IDEAS home Printed from https://ideas.repec.org/b/stc/stcb3e/stcb3e.html
   My bibliography  Save this book

The Defining Characteristics of Entrants in Science-based Industries

Author

Listed:
  • Baldwin, John R.
  • Gellatly, Guy
  • Johnson, Joanne
  • Peters, Valerie

Abstract

New firms are seen to play a key role in the innovation process, especially in certain key sectors of the economy. This study therefore examines the differences in the profiles of successful new firms in science-based industries and other industries. The firms that are examined are entrants who survey into their early teen years. The study examines numerous factors that are seen to influence the success of new businesses. These include the competitive environment, business strategies and the financial structure of the businesses. Successful new firms in science-based industries are found to differ in a number of dimensions from new firms in other industries. They are more likely to be exporters. They face greater technological change and intense competition with regards to the rate at which new products are being introduced. They tend to put more emphasis on quality, the frequent introduction of new products and the customization of products. They make greater use of information technology. They place more stress on new technology development, research and development facilities and the use of intellectual property. They are much more likely to innovate and they place more importance on recruiting skilled labour and on training. Finally, they are more likely to use non-traditional financial measures to evaluate performance and they are less likely to rely on secured credit for financing both their research and development activity and their machinery and equipment that are firms in other sectors.

Suggested Citation

  • Baldwin, John R. & Gellatly, Guy & Johnson, Joanne & Peters, Valerie, 1999. "The Defining Characteristics of Entrants in Science-based Industries," The Defining Characteristics of Entrants in Science-based Industries, Statistics Canada, Economic Analysis Division, number stcb3e, December.
  • Handle: RePEc:stc:stcb3e:stcb3e
    as

    Download full text from publisher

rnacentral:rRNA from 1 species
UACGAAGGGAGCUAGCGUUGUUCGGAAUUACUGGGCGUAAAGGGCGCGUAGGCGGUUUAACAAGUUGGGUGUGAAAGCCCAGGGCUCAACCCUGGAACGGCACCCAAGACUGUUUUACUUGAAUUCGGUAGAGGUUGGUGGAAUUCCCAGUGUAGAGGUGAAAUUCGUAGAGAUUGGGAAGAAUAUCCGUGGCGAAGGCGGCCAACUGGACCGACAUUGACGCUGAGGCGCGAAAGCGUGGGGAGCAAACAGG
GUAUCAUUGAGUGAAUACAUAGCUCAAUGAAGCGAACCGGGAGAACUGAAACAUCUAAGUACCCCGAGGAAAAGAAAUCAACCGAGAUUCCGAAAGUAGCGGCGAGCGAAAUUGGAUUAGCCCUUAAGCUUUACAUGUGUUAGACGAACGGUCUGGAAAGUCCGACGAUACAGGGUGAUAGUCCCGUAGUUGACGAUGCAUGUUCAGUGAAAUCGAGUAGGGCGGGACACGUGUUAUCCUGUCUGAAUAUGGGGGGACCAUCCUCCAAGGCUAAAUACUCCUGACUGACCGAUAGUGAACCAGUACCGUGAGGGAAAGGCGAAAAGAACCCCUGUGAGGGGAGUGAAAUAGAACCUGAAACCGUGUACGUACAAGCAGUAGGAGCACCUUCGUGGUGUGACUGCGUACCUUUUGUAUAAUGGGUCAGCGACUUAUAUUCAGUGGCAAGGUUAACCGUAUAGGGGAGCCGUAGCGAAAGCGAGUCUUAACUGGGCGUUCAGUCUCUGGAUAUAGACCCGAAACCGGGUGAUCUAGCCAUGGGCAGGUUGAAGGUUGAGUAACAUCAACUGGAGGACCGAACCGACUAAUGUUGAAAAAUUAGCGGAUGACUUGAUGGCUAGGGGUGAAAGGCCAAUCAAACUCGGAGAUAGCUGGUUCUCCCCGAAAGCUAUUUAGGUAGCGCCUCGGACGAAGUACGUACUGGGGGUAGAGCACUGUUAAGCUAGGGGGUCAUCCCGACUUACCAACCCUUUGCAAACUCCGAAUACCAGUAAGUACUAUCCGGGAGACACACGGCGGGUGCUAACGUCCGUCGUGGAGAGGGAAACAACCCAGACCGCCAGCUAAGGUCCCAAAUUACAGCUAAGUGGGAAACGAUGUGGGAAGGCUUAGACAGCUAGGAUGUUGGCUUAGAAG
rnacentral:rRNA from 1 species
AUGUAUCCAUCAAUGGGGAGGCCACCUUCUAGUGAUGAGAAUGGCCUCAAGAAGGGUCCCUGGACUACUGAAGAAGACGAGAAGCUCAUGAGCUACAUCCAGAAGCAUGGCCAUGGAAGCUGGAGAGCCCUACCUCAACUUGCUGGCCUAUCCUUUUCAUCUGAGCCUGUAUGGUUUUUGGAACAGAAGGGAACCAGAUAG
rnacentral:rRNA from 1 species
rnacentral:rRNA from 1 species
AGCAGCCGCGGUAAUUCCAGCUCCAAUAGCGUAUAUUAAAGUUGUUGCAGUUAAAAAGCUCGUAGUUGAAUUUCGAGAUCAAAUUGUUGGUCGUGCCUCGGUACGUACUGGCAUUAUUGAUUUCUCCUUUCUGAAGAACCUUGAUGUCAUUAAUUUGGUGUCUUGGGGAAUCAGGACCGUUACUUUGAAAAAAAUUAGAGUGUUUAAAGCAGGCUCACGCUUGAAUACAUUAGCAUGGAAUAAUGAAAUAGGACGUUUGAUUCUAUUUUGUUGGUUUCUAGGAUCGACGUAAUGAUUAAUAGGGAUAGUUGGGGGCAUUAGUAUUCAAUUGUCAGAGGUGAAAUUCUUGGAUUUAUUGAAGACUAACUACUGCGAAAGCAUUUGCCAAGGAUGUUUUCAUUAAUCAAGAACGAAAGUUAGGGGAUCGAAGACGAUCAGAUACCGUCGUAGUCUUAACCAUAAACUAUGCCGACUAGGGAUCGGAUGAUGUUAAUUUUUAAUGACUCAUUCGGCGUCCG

File URL: http://www5.statcan.gc.ca/olc-cel/olc.action?ObjId=88-517-X&ObjType=2&lang=en&limit=0
    Download Restriction: no

    Citations

    Citations are extracted by the CitEc Project, subscribe to its RSS feed for this item.
    as


    Cited by:

    1. Gellatly, Guy & Riding, Allan & Thornhill, Stewart, 2003. "Growth History, Knowledge Intensity and Capital Structure in Small Firms," Economic Analysis (EA) Research Paper Series 2003006e, Statistics Canada, Analytical Studies Branch.
    2. Baldwin, John R. & Gaudreault, Valerie & Gellatly, Guy, 2002. "Financing Innovation in New Small Firms: New Evidence from Canada," Analytical Studies Branch Research Paper Series 2002190e, Statistics Canada, Analytical Studies Branch.
    3. Baldwin, John R. & Sabourin, David & Smith, David, 2003. "Impact of Advanced Technology Use on Firm Performance in the Canadian Food Processing Sector," Economic Analysis (EA) Research Paper Series 2003012e, Statistics Canada, Analytical Studies Branch.
    4. Baldwin, John R. & Sabourin, David, 2002. "Enhancing Food Safety and Productivity: Technology Use in the Canadian Food Processing Industry," Analytical Studies Branch Research Paper Series 2002168e, Statistics Canada, Analytical Studies Branch.
    5. Morissette, Rene & Ostrovsky, Yuri & Picot, Garnett, 2004. "Relative Wage Patterns Among the Highly Educated in a Knowledge-based Economy," Analytical Studies Branch Research Paper Series 2004232e, Statistics Canada, Analytical Studies Branch.

    Corrections

    All material on this site has been provided by the respective publishers and authors. You can help correct errors and omissions. When requesting a correction, please mention this item's handle: RePEc:stc:stcb3e:stcb3e. See general information about how to correct material in RePEc.

    For technical questions regarding this item, or to correct its authors, title, abstract, bibliographic or download information, contact: (Mark Brown). General contact details of provider: http://edirc.repec.org/data/stagvca.html .

    If you have authored this item and are not yet registered with RePEc, we encourage you to do it here. This allows to link your profile to this item. It also allows you to accept potential citations to this item that we are uncertain about.

    We have no references for this item. You can help adding them by using this form .

    If you know of missing items citing this one, you can help us creating those links by adding the relevant references in the same way as above, for each refering item. If you are a registered author of this item, you may also want to check the "citations" tab in your RePEc Author Service profile, as there may be some citations waiting for confirmation.

    Please note that corrections may take a couple of weeks to filter through the various RePEc services.

    IDEAS is a RePEc service hosted by the Research Division of the Federal Reserve Bank of St. Louis . RePEc uses bibliographic data supplied by the respective publishers.